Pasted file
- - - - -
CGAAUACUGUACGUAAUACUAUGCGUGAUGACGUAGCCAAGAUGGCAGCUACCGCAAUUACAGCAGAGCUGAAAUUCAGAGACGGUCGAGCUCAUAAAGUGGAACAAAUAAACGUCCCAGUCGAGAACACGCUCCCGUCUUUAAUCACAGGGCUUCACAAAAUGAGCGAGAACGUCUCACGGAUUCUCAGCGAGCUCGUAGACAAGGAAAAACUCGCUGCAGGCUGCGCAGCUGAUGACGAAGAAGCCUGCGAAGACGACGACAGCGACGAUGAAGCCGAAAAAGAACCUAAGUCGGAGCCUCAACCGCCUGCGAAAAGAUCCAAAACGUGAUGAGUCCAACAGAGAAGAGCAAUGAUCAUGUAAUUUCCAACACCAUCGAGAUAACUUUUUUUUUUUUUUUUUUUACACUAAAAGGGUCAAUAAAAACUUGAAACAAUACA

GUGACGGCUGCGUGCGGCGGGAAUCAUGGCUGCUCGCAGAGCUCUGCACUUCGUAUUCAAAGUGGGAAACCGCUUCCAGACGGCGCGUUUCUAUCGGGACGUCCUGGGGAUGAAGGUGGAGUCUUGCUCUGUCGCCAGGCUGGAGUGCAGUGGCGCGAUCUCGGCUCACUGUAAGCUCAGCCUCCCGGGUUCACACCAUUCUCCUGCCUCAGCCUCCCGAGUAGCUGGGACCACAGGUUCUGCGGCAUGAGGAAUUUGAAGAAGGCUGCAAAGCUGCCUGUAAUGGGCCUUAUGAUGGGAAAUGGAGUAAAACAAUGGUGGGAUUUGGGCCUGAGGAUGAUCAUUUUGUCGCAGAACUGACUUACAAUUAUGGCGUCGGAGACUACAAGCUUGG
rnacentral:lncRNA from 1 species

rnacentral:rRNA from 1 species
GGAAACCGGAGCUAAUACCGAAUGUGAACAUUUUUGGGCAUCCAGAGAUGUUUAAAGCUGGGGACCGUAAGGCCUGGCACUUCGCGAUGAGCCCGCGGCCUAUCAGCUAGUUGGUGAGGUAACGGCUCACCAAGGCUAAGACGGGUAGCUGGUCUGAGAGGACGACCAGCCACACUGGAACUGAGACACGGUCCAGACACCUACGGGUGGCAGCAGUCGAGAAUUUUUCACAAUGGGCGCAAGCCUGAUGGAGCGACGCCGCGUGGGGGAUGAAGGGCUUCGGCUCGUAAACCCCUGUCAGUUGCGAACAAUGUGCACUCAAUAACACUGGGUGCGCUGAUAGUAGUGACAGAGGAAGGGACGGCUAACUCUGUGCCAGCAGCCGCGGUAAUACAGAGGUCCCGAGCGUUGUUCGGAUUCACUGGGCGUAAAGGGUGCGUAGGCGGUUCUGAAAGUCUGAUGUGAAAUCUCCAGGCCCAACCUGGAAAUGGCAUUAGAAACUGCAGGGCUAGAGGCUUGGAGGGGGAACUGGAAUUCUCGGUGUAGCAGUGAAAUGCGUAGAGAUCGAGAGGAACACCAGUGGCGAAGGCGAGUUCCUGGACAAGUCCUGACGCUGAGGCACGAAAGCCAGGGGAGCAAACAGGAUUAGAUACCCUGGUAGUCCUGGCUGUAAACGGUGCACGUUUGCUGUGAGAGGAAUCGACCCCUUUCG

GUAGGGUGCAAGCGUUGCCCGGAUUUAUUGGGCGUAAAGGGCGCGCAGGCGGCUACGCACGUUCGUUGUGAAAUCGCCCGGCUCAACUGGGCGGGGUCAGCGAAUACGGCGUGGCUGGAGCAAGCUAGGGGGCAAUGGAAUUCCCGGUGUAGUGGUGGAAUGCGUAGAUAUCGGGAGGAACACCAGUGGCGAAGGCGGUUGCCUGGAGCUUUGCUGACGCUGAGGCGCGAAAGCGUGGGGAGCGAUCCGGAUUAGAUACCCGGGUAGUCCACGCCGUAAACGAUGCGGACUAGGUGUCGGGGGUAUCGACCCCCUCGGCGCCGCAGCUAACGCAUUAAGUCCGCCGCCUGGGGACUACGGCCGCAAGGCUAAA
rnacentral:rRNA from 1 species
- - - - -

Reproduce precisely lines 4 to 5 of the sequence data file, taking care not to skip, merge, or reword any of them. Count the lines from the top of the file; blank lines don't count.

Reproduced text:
rnacentral:rRNA from 1 species
GGAAACCGGAGCUAAUACCGAAUGUGAACAUUUUUGGGCAUCCAGAGAUGUUUAAAGCUGGGGACCGUAAGGCCUGGCACUUCGCGAUGAGCCCGCGGCCUAUCAGCUAGUUGGUGAGGUAACGGCUCACCAAGGCUAAGACGGGUAGCUGGUCUGAGAGGACGACCAGCCACACUGGAACUGAGACACGGUCCAGACACCUACGGGUGGCAGCAGUCGAGAAUUUUUCACAAUGGGCGCAAGCCUGAUGGAGCGACGCCGCGUGGGGGAUGAAGGGCUUCGGCUCGUAAACCCCUGUCAGUUGCGAACAAUGUGCACUCAAUAACACUGGGUGCGCUGAUAGUAGUGACAGAGGAAGGGACGGCUAACUCUGUGCCAGCAGCCGCGGUAAUACAGAGGUCCCGAGCGUUGUUCGGAUUCACUGGGCGUAAAGGGUGCGUAGGCGGUUCUGAAAGUCUGAUGUGAAAUCUCCAGGCCCAACCUGGAAAUGGCAUUAGAAACUGCAGGGCUAGAGGCUUGGAGGGGGAACUGGAAUUCUCGGUGUAGCAGUGAAAUGCGUAGAGAUCGAGAGGAACACCAGUGGCGAAGGCGAGUUCCUGGACAAGUCCUGACGCUGAGGCACGAAAGCCAGGGGAGCAAACAGGAUUAGAUACCCUGGUAGUCCUGGCUGUAAACGGUGCACGUUUGCUGUGAGAGGAAUCGACCCCUUUCG